Presenting Tutum Stream API


We have had a REST API for a long time. It’s useful to create new objects (eg. service, node, etc.), to get their current state, modify them, or terminate them. We have been using it for our dashboard, our CLI, and our images. Also, a lot of users are using this REST API to create awesome things on top of Tutum. Today we are releasing a new element in our API called Stream API. We hope this addition will allow you to build even more powerful applications.

A Little History

For some time, our dashboard has had an advantage over the apps that can be developed on top of Tutum. We had a server that sent notifications to every user when one of their objects was created, updated or deleted. For example, every time a new service is created or a stack is redeployed, notifications for the different changes happening are sent out. This allows Tutum to give real-time updates to the Dashboard UI, making it responsive and more interactive.

We started to see the need to have this same power in a couple of our images. One such example is our HAProxy load balancer. The load balancer polls every 30 seconds to check if the containers in a service have changed. If it has changed, the configuration of the proxy needs to be updated to handle these new containers. This generates a lot of unnecessary requests to our API as most services do not change every 30 seconds. Furthermore, when services do change, it can take up to 29 seconds for HAProxy to update and reflect these changes in its configuration.

This past month we have been changing a lot of our code to allow our images and every one of our users to be able to listen to these events by creating a new Stream API. We exchanged with a standard implementation of web sockets. We did this to ensure cross compatibility with your language of choice. Now our users are able to track in real time every container, service, node, node cluster and action in their Tutum account without needing to poll.

How to Use it

The first step is to get a websocket client; for python we recommend this one and for nodejs we recommend this one. Please let us know your suggestions for other languages in the comments section!

Once you have the library installed, you need to open a connection to the server and set the handlers for open connection, error, close connection and every message.

token = 'apikey';
username = 'username';

ws = websocket.WebSocketApp('wss://{}&user={}'.format(token, username),
     on_message = on_message,
     on_error = on_error,
     on_close = on_close,
     on_open = on_open)

The most important one is, arguably, the on_message one, that’s where most of the logic of your code should revolve around. In this example, we will parse the message into a dictionary and then check if it’s an auth completed message that occurred after the connection was complete. Then we check when the socket is ready to receive messages.

After we print the type of object that was modified, all following messages will contain the new state of the object. The resource url can be requested to obtain any information from the object.

def on_message(ws, message):
  msg_as_JSON = json.loads(message)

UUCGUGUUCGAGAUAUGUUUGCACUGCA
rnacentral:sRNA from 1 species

type = msg_as_JSON.get("type")
  if type:
    if type == "auth":
      print("Auth completed")
      print("{}:{}:{}".format(type, msg_as_JSON.get("state"), msg_as_JSON.get("resource_uri")))

This handler will generate a log like this one below:

Auth completed
action:In progress:/api/v1/action/d1c3e851-e025-433f-a29f-a44aa482fb14/
action:In progress:/api/v1/action/d1c3e851-e025-433f-a29f-a44aa482fb14/
action:In progress:/api/v1/action/d1c3e851-e025-433f-a29f-a44aa482fb14/
action:In progress:/api/v1/action/d1c3e851-e025-433f-a29f-a44aa482fb14/
action:In progress:/api/v1/action/d770dbad-0bca-4a56-818f-fe56b95e3cfb/

For examples using python and node js, check out this gist.

Using the Stream API, doors open up to some really simple but super interesting use cases. A custom notifications system, such as email updates every time a service is stopped is an obvious one. But this can also be leveraged for more complex scenarios dealing with infrastructure and/or container auto-scaling, custom application triggers, slack notifications, if-this-then-that systems, etc. Your creativity is the only limit, so let us know what are you building with the Stream API and any way in which we can make it even simpler, more flexible, and ultimately more useful to you.

What’s Next?

In the coming weeks, the Stream API will handle logs per container, docker events per node, and docker exec to a particular container.

We hope that you are as excited as we are about this new feature, and how it will evolve over the upcoming weeks. Please do not hesitate to send your feedback!

Thank you.

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Posted in Features
5 comments on “Presenting Tutum Stream API
  1. […] recently introduced its new Tutum Stream API. This is a great new feature that allows you to use WebSockets to monitor Events from your Tutum […]

  2. […] recently introduced its new Tutum Stream API. This is a great new feature that allows you to use WebSockets to monitor Events from your Tutum […]

  3. […] open-source container load-balancer that has been developed to take full advantage of Tutum’s Stream API – dynamically updating as containers are […]

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